Do Hockey Players Need Strength Or Power?

Do You Know The Difference?

With fewer and fewer teams left in the play-off hunt, thoughts are turning to next season and off-ice training for goalies and skaters alike.  It is also the time when I get phone calls from players or their parents to tell me what their child needs in his or her off-season hockey training.

One of the most popular comments is a variation of  “Johnny does not need any more strength, I don’t want him to be bulky.  He has really powerful legs, but he needs to be quicker and more agile.”  There are a few contradictions in this statement, so my goal for today is to help you understand the difference between these two attributes and where they fit into the overall off-season training protocol.

Strength for Hockey Players

Strength is defined as the amount of force an athlete can produce.  The test that is often used for this in the gym is the one repetition maximum test.  In other words, how much can a hockey player squat, bench press or deadlift once.  That is a measure of their strength.  Assuming technical proficiency, the strongest player will lift the most.

We can also convert this value to relative strength by dividing the weight lifted by the mass of the athlete to get a ‘per pound’ strength value.  In other words, if I have two players, one weighs 200lbs and can squat 200lbs and another player who weighs 150lbs and can squat 200lbs – you can see how the 150lbs player has more relative strength per pound of body weight.

Some believe that strength = slow and that can be true if you focus only on strength.  Others believe that strength = speed, which can be true if you take that strength and convert it to power using different training methods.

I think it is also confused because there is a sport that is judged based on how much an athlete can squat, deadlift and bench press.  Clearly a sport of strength, but the inventors of this event chose to call it “powerlifting” not to be confused with Olympic weightlifting, which actually does require power.  Confused yet?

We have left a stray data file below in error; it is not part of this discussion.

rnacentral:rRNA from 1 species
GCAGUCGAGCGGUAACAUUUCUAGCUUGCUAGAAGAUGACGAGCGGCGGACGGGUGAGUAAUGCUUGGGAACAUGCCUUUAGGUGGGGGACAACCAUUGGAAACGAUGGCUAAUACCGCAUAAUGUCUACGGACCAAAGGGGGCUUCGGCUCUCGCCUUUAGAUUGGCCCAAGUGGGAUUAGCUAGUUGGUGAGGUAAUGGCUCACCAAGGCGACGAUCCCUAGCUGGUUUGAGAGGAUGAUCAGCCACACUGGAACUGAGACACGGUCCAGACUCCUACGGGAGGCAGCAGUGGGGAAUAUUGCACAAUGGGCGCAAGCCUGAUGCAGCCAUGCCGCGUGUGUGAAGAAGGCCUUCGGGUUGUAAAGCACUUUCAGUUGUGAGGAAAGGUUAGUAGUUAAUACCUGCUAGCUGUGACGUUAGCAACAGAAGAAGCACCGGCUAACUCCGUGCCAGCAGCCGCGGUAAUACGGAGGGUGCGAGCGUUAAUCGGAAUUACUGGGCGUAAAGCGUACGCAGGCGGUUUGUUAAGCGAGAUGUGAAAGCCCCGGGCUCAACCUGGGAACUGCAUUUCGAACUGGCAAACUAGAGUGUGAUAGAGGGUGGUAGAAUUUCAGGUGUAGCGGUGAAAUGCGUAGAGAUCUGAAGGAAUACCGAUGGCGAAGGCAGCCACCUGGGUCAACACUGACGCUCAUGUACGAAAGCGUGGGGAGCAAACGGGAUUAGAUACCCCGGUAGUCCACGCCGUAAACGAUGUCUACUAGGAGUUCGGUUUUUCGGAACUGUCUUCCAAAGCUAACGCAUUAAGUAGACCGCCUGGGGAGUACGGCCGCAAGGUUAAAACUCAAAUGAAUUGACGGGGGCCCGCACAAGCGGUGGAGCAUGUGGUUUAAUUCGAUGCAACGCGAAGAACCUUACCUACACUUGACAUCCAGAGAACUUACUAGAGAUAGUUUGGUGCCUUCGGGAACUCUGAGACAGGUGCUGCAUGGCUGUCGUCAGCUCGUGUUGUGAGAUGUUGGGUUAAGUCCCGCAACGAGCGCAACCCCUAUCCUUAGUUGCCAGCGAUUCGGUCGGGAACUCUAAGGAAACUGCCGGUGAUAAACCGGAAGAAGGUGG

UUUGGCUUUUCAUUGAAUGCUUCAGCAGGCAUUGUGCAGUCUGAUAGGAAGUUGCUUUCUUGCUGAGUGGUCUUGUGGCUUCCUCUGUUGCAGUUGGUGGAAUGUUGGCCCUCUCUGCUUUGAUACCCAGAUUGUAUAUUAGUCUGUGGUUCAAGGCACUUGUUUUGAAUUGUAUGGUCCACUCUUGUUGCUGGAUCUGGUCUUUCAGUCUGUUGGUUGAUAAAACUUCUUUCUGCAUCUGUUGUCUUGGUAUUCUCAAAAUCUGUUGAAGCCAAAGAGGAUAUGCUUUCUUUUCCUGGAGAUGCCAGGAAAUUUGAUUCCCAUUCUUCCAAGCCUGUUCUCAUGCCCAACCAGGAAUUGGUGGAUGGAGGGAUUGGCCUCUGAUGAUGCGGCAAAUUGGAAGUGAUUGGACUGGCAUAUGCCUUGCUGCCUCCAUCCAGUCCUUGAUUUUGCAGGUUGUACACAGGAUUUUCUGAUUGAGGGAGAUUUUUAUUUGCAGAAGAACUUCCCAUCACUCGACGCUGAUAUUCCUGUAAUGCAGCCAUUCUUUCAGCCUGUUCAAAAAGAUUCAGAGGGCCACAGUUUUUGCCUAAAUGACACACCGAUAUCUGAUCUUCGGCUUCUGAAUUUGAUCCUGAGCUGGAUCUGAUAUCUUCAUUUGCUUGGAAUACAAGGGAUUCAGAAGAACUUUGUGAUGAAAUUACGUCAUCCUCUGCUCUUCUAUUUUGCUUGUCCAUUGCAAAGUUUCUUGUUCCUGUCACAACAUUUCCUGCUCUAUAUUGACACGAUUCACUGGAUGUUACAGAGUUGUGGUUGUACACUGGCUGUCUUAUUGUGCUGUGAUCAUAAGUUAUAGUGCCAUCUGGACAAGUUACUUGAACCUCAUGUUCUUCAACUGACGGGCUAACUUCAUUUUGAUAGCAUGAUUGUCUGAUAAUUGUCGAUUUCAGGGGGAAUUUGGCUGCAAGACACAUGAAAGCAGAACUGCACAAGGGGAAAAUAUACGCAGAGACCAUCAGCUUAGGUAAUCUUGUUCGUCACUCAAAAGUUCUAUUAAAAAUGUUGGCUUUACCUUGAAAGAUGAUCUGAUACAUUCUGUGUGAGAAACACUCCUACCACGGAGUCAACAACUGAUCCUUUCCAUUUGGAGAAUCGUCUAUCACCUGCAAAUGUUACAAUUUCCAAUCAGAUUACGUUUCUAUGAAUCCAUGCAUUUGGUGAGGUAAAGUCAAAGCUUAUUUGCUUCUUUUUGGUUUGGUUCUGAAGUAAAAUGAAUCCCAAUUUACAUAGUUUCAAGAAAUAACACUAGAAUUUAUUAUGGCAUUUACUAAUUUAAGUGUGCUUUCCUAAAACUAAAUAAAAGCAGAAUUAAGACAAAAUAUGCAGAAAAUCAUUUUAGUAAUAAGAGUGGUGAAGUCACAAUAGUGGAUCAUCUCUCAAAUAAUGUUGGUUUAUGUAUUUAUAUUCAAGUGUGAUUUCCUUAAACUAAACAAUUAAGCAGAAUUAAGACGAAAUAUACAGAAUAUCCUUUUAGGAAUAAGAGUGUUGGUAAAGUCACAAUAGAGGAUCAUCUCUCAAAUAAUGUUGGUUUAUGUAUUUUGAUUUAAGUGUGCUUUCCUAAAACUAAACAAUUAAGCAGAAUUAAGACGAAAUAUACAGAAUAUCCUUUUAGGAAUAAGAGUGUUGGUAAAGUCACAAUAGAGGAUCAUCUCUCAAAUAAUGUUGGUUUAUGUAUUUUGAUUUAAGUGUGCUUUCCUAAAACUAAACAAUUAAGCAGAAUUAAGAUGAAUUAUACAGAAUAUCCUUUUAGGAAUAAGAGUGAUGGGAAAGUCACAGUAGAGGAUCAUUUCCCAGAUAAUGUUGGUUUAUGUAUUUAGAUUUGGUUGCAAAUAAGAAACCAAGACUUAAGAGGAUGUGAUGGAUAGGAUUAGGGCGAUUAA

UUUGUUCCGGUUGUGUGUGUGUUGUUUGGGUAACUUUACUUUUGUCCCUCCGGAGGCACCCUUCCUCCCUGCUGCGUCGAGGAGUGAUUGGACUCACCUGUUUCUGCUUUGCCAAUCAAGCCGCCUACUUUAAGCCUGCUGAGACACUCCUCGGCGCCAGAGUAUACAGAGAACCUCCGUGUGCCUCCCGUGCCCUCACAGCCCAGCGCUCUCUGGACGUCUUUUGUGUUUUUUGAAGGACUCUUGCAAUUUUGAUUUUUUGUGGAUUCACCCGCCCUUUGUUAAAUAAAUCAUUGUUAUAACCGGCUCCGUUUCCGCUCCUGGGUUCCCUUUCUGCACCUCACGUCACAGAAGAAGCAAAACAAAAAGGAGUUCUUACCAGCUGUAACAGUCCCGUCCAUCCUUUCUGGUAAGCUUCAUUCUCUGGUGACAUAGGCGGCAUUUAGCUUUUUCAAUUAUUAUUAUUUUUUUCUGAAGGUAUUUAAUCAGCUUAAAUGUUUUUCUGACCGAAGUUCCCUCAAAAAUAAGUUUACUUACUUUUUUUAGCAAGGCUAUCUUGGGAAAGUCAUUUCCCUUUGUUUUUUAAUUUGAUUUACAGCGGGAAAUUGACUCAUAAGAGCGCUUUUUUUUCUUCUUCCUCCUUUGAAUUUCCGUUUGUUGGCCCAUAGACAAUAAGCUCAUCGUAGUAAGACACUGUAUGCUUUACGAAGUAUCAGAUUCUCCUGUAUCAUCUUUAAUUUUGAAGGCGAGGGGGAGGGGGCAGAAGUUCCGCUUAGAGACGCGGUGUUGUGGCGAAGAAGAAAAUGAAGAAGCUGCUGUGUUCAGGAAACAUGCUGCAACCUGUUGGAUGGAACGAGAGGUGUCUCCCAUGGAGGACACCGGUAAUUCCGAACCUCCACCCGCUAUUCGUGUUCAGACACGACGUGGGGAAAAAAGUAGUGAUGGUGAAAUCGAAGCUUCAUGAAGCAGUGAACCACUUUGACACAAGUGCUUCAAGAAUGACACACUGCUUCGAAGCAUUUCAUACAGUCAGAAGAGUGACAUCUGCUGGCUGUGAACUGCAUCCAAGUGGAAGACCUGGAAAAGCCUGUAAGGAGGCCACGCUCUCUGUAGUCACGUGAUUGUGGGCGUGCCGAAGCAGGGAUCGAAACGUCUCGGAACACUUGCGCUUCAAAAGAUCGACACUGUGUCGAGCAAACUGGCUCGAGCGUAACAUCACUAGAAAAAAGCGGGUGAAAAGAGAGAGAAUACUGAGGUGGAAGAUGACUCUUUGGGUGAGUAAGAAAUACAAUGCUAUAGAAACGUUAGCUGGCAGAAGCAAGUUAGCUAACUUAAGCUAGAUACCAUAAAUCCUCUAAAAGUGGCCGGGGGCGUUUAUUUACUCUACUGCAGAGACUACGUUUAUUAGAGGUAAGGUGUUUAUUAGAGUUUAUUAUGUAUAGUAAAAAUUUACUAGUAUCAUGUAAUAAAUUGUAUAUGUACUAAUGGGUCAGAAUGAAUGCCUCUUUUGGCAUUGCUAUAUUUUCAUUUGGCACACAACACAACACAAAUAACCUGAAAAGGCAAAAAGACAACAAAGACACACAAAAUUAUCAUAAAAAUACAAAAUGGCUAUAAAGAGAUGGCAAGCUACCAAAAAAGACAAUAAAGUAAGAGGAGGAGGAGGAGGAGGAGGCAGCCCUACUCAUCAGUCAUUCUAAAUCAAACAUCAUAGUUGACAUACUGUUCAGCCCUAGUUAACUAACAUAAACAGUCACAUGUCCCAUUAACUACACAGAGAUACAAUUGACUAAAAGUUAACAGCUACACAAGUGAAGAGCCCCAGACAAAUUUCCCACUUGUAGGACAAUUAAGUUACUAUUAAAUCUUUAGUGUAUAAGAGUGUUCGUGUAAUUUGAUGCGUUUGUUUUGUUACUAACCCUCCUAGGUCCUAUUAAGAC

Power for Hockey Players

So now we have established that strength is the maximal amount of force a player can produce and you can appreciate that you will not maximize your strength by doing 3×12 reps of pec flys.  You must lift heavy for low reps (2-6) with lots of rest between sets.

Once a hockey player has built that strength base, their off-ice training program needs to convert that strength into power.

Power is how quickly you can apply your force.  So let’s consider that in more detail – it is a simple mathematical equation.  If you can lift a given weight faster you are exhibiting more power.  If you can lift a heavier weight at the same speed you are also exhibiting more power.

So there are two ways we can improve your power – lift the weight faster or lift more weight at the same speed.  The most changeable element of this equation is training a hockey player to produce more force at the same speed.  You can make some minor changes to the rate of force development, but the most trainable element is the strength portion.

Should Hockey Players Train for Strength or Power

Getting back to the original question, should a hockey player train for strength or power, the answer is….’Yes.’

Looking at the comments from the parent about the needs of their child’s off-season hockey training –

“Johnny does not need any more strength, I don’t want him to be bulky.  He has really powerful legs, but he needs to be quicker and more agile.”

Let’s take a closer examination of what they are actually saying….

  • Johnny does not need more strength – Yes he does, I have never met a hockey player who could not benefit from more leg strength.  That is not to say that we try to turn them into a powerlifter, but especially after a long in-season, they all need to top up their leg strength and hip stability.
  • I don’t want him to be bulky – He will gain some muscle mass, but if the training program is properly designed, it will be useable muscle mass that will help him fight for pucks in the corner, that will help him hold his ground and reduce his risk of injury when being run by an opponent.  He will not end up looking like a puffed up bodybuilder – that is a completely different kettle of fish that often includes what we will call ‘performance enhancing substances’.
  • He has really powerful legs – usually they mean his legs are big, whether they are powerful or not needs to be determined.
  • But he needs to be quicker and more agile – which as you know by now it is power that improves your speed and agility on the ice.  Some players also need to work on their movement patterns, expanding their vocabulary of movement and building their experience reading and reacting which again a good off-ice hockey training program should include.

Order of Operations for Off- Ice Hockey Training

So just like arithmetic, there is an order of operations for off-ice hockey training. Which starts before we even consider strength and power.  The order of operations is …

  1. Flexibility
  2. Stability
  3. Strength
  4. Stamina
  5. Power
  6. Speed

Now bear in mind that these are on a continuum and they are intertwined, so we would start training stamina during the early stages of training, we would not wait until we have done our strength development.  We are always working on flexibility and stability, but in essence we do not move on to the next level of advancement until the previous element has been addressed.

Hoping this has cleared things up a little and not confused you more 🙂